Boston Red Sox ace Chris Sal is dealing with another injury
Chris Sale can’t catch a break – at least not the type of break he was hoping for. The lefty revealed that he has a stress fracture in his right rib cage and won’t be ready to begin the 2022 season, leaving a hole at the top of the Boston Red Sox rotation.
Sale explained that the injury occurred about four weeks ago but he wasn’t able to report it to the team until the lockout ended, delaying the opportunity to get an MRI and X-ray to determine the extent of the damage.
He tried pitching through the pain but it worsened in the days following a live batting practice session. After being diagnosed with a stress fracture by Dr. Patrick Joyner, Sale had no choice but to shut down his training. He’s made some progress since camp officially opened but his ribs are still tender.
The lefty doesn’t have a clear timeline for when he can get back on the mound. He’s never dealt with this injury before but based on what he’s learned about how long it takes for bones to heal, he speculated a six-to-eight week timeframe before he can start throwing again.
We should leave it to the medical staff to determine a proper timeline but Sale clearly won’t be available to begin the season and we might not see him pitching for the Red Sox before May. Once he’s cleared to throw, Sale will still need several weeks to ramp up to a starter’s workload since he’ll have missed spring training.
This is a discouraging setback for a pitcher who was sidelined for two years with neck and arm injuries. He underwent Tommy John surgery that wiped out his entire 2020 season and delayed his debut last year until August.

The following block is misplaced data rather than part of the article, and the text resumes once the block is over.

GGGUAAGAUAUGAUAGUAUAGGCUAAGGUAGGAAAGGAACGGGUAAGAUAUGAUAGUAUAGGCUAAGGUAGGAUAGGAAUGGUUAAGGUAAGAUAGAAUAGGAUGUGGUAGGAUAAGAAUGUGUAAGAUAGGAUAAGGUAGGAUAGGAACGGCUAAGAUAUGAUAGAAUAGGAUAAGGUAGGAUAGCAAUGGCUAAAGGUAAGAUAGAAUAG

Sale was looking forward to finally entering a season healthy and he’s understandably frustrated by a freak injury spoiling that goal. He’s spent too much time on the sidelines in recent years and he’s chomping at the bit to get back on the mound.
In the meantime, the Red Sox rotation needs to adjust for the absence of one of their top starters. Sale was expected to compete for the honor of starting on Opening Day but that start will now go to Nathan Eovaldi by default.
Boston focused on adding pitching prior to the lockout but the additions they made were meant to provide depth for the back of the rotation. None of those pitchers can fill Sale’s shoes. James Paxton has the highest upside of the new additions but he won’t be available until the second half of the season while recovering from his own injury. Michael Wacha and Rich Hill are candidates to fill out the rotation along with Eovaldi and Nick Pivetta. Tanner Houck and Garrett Whitlock are also being stretched out this spring to prepare for a potential move from the bullpen to the rotation.
The Red Sox have enough arms to navigate the early-season schedule without Sale but they weren’t expecting to lean on all of these options in the rotation. They are banking on Wacha’s late-season resurgence last year carrying over to his new team and a 42-year-old Hill contributing significant innings. If either fails to pan out, they may be forced to use both Houck and Whitlock in the rotation, which would weaken the bullpen.
While the Red Sox have more pitching depth than they have had in recent seasons, Sale’s injury could put them back in the market to add another arm. They aren’t going to go chasing another ace but a more reliable middle of the rotation starter would help stabilize the pitching staff. At the very least, they should bolster their bullpen in case some of the pitchers they were counting on to serve in a relief role are needed in the rotation.
Sale has an opt-out clause in his contract that he could exercise after the season but given that he hasn’t been healthy for a few years, it’s hard to imagine him walking away from the $55 million that would be remaining on his current deal.
Fans were already grumbling about Sale’s lucrative extension being a bust when he missed significant time in recent years. They aren’t going to feel better about his contract clogging the payroll if he’s sidelined for a chunk of this season.
Sale has as much to prove as any member of the Red Sox this season but he can’t do that until he’s healthy enough to step on the mound.